Alice puts the finishing touches on her resume. She will email it along with a cover letter to apply for a position for an early childhood educator. She hits the “send” icon, shuts down the computer and stands to stretch. Her body feels awkward and stiff. Suddenly a wave of regret floats across her mind. She flips open the lap top, reads the email and thinks, “ I should have been more enthusiastic!" Palms sweating, her heart races. She feels at a distance from the world. Alice is creative, bright and compassionate yet she feels lethargic, boring and ignorant.
“I have ADD,” “ I was told I’m borderline,” “My diagnosis is depression.” People may come to therapy with a diagnosis from a physician, psychiatrist, a previous therapist or self-diagnosis through their own research. When it comes to your state of mind, it may be more helpful to understand what factors are contributing to how you feel, the decisions you make, the ways in which you live your life.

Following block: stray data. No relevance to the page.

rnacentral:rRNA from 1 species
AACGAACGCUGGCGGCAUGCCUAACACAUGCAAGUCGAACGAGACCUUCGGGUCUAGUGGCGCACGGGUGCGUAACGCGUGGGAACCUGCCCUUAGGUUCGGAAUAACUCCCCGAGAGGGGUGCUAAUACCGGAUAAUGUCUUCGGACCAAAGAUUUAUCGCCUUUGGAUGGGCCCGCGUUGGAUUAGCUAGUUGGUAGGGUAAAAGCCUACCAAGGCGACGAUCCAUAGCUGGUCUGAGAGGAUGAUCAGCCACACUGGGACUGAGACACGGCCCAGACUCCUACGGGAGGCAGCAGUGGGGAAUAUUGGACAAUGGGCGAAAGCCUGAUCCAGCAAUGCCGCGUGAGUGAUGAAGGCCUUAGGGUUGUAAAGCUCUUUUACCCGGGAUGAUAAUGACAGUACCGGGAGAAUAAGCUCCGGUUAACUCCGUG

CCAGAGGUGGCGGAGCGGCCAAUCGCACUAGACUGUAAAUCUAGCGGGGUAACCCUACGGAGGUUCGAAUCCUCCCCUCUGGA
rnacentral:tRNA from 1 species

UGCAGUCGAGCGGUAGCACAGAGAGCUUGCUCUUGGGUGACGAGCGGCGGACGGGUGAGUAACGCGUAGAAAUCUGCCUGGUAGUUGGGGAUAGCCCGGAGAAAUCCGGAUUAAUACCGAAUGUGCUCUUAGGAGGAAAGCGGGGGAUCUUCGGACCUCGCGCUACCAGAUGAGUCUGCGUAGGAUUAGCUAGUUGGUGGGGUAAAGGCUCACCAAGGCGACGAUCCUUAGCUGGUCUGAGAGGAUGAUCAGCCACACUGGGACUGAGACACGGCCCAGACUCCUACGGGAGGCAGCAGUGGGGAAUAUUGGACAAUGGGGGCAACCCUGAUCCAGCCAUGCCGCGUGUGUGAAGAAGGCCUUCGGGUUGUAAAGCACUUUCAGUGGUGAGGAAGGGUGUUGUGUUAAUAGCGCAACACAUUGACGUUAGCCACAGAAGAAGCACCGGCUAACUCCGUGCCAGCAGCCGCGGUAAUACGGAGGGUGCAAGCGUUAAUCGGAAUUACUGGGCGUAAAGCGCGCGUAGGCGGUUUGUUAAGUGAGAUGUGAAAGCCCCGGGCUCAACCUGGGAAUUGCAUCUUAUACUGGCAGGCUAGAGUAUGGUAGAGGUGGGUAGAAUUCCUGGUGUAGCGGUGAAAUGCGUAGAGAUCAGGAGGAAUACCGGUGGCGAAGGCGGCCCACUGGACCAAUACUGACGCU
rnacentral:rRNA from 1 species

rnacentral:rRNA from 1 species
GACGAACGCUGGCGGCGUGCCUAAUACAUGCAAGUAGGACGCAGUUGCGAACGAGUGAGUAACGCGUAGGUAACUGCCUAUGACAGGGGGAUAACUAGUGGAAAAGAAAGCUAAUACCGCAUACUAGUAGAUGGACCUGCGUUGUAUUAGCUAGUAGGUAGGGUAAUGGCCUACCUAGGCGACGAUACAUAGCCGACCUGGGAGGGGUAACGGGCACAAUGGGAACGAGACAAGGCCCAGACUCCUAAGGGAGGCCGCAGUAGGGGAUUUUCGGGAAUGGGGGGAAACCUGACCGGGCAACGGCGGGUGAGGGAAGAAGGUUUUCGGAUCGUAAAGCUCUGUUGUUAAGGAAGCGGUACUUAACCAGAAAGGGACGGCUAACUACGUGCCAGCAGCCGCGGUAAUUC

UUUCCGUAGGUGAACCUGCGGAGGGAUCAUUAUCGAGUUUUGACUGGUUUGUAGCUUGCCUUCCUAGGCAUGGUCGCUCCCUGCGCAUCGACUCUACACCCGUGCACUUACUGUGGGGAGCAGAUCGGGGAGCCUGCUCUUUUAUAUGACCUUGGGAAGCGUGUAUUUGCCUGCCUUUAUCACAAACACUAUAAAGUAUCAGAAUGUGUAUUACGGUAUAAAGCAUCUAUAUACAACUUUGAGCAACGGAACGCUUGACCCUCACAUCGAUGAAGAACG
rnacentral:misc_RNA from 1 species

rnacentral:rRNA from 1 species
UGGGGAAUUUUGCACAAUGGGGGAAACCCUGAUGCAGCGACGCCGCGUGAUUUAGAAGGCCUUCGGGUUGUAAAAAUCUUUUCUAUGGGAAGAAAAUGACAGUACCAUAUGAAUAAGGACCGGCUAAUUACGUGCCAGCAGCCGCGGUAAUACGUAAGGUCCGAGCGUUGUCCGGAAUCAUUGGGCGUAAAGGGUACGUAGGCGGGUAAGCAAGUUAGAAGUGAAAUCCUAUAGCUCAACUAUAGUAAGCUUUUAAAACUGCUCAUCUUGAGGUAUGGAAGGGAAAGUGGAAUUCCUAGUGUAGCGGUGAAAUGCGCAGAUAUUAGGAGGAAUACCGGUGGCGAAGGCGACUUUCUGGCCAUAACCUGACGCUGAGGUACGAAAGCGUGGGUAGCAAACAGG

By the time we are toddlers we have developed strategies that help us navigate relationships. We learn from interactions with our caregivers that behavior brings forth different responses. A baby cries out, communicating distress: “I’m hungry, my diaper needs changing, I need to be held” - mom responds with reassuring tones: “It’s OK, I’m here, now let’s see what you need.” Mom feels warm and touched as her soothing responses help the child relax. They feel a secure attachment. Both feel joy and comfort in the pleasure of being known for what they experience.